Internal Migration Patterns in Pakistan—The Case for Fiscal Decentralisation
This paper analyses the degree of integration between provinces in Pakistan through the internal migration patterns in the country. It establishes empirically the rationality of both urban-urban and rural-urban migrants in the country who are found to respond to economic incentives when choosing the destination district. Internal migration in the last ten years stands at a mere 2.3 percent, with less than a quarter of these people moving across provinces. This trend shows little or no improvement over time, hinting at the continued rigidity of provincial boundaries. An in-depth look at the migration patterns reveals that the concentration of flows is towards the provincial and federal capitals (56 percent). In light of fiscal decentralisation, this unipolar migration trend highlights the importance of fair and equitable resource distribution amongst provinces
Volume (Year): 49 (2010)
Issue (Month): 4 ()
|Contact details of provider:|| Postal: P.O.Box 1091, Islamabad-44000|
Web page: http://www.pide.org.pk
More information through EDIRC
References listed on IDEAS
Please report citation or reference errors to , or , if you are the registered author of the cited work, log in to your RePEc Author Service profile, click on "citations" and make appropriate adjustments.:
- Prabir C. Bhattacharya, 1998. "Migration, employment and development: a three-sector analysis," Journal of International Development, John Wiley & Sons, Ltd., vol. 10(7), pages 899-921.
- Yasuhiro Sato, 2004. "Migration, Frictional Unemployment, and Welfare-Improving Labor Policies," Journal of Regional Science, Wiley Blackwell, vol. 44(4), pages 773-793.
- Pingle, Jonathan F., 2007. "A note on measuring internal migration in the United States," Economics Letters, Elsevier, vol. 94(1), pages 38-42, January.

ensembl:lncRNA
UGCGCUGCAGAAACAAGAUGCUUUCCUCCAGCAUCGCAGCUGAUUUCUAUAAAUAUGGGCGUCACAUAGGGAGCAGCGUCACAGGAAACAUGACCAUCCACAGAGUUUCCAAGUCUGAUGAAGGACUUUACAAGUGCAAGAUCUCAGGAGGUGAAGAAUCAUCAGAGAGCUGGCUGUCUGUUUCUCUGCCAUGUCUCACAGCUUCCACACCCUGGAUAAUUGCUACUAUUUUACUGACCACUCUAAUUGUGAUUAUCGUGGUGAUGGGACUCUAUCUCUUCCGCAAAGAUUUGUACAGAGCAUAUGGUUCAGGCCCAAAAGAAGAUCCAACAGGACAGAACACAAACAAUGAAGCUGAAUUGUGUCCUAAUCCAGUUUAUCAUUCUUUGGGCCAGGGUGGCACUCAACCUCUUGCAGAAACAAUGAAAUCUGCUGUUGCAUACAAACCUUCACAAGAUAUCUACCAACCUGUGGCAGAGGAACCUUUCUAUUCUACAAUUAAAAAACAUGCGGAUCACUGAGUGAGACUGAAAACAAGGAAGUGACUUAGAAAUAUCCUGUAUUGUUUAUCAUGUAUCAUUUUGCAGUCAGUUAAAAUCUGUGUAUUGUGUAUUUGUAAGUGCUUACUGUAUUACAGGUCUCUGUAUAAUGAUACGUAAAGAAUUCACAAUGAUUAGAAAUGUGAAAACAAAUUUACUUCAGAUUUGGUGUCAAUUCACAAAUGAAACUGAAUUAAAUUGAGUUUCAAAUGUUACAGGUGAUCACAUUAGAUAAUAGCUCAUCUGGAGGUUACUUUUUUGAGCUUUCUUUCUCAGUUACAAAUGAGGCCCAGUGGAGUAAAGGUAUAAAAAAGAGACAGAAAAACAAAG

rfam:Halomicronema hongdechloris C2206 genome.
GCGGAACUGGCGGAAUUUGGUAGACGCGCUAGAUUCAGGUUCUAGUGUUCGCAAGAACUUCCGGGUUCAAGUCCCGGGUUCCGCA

- Zhang, Kevin Honglin & Song, Shunfeng, 2003. "Rural-urban migration and urbanization in China: Evidence from time-series and cross-section analyses," China Economic Review, Elsevier, vol. 14(4), pages 386-400.
- Kanbur, Ravi & Venables, Anthony J., 2005.
"SPATIAL INEQUALITY AND DEVELOPMENT Overview of UNU-WIDER Project,"
127127, Cornell University, Department of Applied Economics and Management.
- Ravi Kanbur, 2005. "Spatial Inequality and Development: Overview of UNU-WIDER Project," Working Papers id:215, eSocialSciences.
- Charles M. Tiebout, 1956. "A Pure Theory of Local Expenditures," Journal of Political Economy, University of Chicago Press, vol. 64, pages 416-416.
- Prabir C. Bhattacharya, 2002. "Rural-to-urban migration in LDCS: a test of two rival models," Journal of International Development, John Wiley & Sons, Ltd., vol. 14(7), pages 951-972.
- Prabir C. Bhattacharya, 2000. "An analysis of rural-to-rural migration in India," Journal of International Development, John Wiley & Sons, Ltd., vol. 12(5), pages 655-667.
- Andrew P. Barkley, 1991. "The Determinants of Interdistrict Labour In-migration in Pakistan, 1971-1980," The Pakistan Development Review, Pakistan Institute of Development Economics, vol. 30(3), pages 275-296.
- Nong Zhu & Xubei Luo, 2010. "The impact of migration on rural poverty and inequality: a case study in China," Agricultural Economics, International Association of Agricultural Economists, vol. 41(2), pages 191-204, 03.
- Mitra, Arup & Murayama, Mayumi, 2008. "Rural to Urban Migration: A District Level Analysis for India," IDE Discussion Papers 137, Institute of Developing Economies, Japan External Trade Organization(JETRO).
- Quisumbing, Agnes R. & McNiven, Scott, 2005. "Migration and the rural-urban continuum: Evidence from the Rural Philippines," FCND discussion papers 197, International Food Policy Research Institute (IFPRI).
When requesting a correction, please mention this item's handle: RePEc:pid:journl:v:49:y:2010:i:4:p:593-607. See general information about how to correct material in RePEc.
For technical questions regarding this item, or to correct its authors, title, abstract, bibliographic or download information, contact: (Khurram Iqbal)
If you have authored this item and are not yet registered with RePEc, we encourage you to do it here. This allows to link your profile to this item. It also allows you to accept potential citations to this item that we are uncertain about.
If references are entirely missing, you can add them using this form.
If the full references list an item that is present in RePEc, but the system did not link to it, you can help with this form.
If you know of missing items citing this one, you can help us creating those links by adding the relevant references in the same way as above, for each refering item. If you are a registered author of this item, you may also want to check the "citations" tab in your profile, as there may be some citations waiting for confirmation.
Please note that corrections may take a couple of weeks to filter through the various RePEc services.